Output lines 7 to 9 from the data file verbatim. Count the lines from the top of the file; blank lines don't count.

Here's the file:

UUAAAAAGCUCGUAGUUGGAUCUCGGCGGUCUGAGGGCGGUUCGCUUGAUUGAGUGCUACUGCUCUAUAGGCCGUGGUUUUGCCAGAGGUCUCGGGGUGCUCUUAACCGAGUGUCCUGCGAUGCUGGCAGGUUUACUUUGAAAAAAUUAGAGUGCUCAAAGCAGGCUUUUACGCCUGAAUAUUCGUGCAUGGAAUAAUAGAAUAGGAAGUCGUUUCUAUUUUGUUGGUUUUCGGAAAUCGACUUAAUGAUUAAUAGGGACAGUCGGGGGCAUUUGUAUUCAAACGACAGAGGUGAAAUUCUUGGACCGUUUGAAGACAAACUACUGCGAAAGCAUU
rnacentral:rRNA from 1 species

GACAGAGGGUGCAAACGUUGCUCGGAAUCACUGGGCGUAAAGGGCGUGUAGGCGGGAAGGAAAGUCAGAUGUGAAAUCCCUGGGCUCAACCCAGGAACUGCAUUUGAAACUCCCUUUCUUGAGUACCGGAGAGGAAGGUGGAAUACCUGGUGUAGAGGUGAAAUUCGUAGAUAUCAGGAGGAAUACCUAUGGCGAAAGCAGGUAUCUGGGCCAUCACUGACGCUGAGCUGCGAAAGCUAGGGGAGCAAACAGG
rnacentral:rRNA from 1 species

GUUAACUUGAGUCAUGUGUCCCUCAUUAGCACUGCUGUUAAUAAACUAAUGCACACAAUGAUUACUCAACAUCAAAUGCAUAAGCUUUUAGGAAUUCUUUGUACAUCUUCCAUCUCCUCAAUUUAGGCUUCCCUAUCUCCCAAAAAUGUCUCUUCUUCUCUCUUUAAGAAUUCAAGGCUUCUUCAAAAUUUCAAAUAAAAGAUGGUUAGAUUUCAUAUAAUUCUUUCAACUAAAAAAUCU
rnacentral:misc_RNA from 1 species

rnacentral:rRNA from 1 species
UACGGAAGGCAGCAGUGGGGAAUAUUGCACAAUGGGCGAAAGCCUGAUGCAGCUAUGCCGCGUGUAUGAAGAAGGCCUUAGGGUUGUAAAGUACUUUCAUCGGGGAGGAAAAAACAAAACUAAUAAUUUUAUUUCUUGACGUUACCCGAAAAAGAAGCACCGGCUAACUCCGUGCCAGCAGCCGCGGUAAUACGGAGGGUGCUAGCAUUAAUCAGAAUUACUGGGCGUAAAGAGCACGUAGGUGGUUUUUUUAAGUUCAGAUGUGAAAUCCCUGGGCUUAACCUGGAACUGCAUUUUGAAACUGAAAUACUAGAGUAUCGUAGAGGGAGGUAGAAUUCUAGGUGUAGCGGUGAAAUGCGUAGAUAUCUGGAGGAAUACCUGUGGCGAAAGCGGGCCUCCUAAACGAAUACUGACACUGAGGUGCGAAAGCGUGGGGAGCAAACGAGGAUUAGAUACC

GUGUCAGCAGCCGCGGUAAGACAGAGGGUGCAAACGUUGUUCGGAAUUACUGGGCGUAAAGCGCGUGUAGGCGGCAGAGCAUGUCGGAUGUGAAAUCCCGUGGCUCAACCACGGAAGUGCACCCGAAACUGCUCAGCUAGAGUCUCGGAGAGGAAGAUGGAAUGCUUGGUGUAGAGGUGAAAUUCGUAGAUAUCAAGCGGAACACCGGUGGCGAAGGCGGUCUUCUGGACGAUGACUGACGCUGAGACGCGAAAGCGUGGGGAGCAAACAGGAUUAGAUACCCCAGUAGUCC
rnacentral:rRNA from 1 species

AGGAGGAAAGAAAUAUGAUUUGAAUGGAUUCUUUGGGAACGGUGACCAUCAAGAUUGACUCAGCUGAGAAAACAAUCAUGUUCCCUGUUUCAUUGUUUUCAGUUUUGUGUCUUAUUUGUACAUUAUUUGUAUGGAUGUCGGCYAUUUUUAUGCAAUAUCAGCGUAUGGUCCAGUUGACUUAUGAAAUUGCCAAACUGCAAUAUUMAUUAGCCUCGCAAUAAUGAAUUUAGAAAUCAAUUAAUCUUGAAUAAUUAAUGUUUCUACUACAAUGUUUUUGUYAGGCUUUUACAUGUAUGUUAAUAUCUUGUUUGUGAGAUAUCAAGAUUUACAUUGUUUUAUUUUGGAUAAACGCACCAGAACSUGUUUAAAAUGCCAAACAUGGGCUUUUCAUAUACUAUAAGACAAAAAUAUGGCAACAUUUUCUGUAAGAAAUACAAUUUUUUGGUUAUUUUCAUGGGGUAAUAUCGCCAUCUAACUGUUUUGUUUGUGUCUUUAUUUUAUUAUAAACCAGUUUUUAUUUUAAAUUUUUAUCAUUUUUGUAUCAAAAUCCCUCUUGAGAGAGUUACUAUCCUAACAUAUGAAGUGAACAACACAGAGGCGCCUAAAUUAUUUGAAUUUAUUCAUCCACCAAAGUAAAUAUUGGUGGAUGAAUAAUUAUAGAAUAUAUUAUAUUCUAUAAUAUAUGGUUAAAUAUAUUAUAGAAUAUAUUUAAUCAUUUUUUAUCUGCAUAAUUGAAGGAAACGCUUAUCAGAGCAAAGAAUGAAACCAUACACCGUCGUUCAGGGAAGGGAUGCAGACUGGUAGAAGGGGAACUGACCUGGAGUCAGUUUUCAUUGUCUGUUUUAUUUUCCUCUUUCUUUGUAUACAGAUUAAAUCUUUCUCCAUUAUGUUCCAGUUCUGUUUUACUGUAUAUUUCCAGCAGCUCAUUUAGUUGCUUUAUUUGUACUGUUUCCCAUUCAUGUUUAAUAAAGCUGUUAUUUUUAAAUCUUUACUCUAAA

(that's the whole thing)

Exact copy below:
rnacentral:rRNA from 1 species
UACGGAAGGCAGCAGUGGGGAAUAUUGCACAAUGGGCGAAAGCCUGAUGCAGCUAUGCCGCGUGUAUGAAGAAGGCCUUAGGGUUGUAAAGUACUUUCAUCGGGGAGGAAAAAACAAAACUAAUAAUUUUAUUUCUUGACGUUACCCGAAAAAGAAGCACCGGCUAACUCCGUGCCAGCAGCCGCGGUAAUACGGAGGGUGCUAGCAUUAAUCAGAAUUACUGGGCGUAAAGAGCACGUAGGUGGUUUUUUUAAGUUCAGAUGUGAAAUCCCUGGGCUUAACCUGGAACUGCAUUUUGAAACUGAAAUACUAGAGUAUCGUAGAGGGAGGUAGAAUUCUAGGUGUAGCGGUGAAAUGCGUAGAUAUCUGGAGGAAUACCUGUGGCGAAAGCGGGCCUCCUAAACGAAUACUGACACUGAGGUGCGAAAGCGUGGGGAGCAAACGAGGAUUAGAUACC

GUGUCAGCAGCCGCGGUAAGACAGAGGGUGCAAACGUUGUUCGGAAUUACUGGGCGUAAAGCGCGUGUAGGCGGCAGAGCAUGUCGGAUGUGAAAUCCCGUGGCUCAACCACGGAAGUGCACCCGAAACUGCUCAGCUAGAGUCUCGGAGAGGAAGAUGGAAUGCUUGGUGUAGAGGUGAAAUUCGUAGAUAUCAAGCGGAACACCGGUGGCGAAGGCGGUCUUCUGGACGAUGACUGACGCUGAGACGCGAAAGCGUGGGGAGCAAACAGGAUUAGAUACCCCAGUAGUCC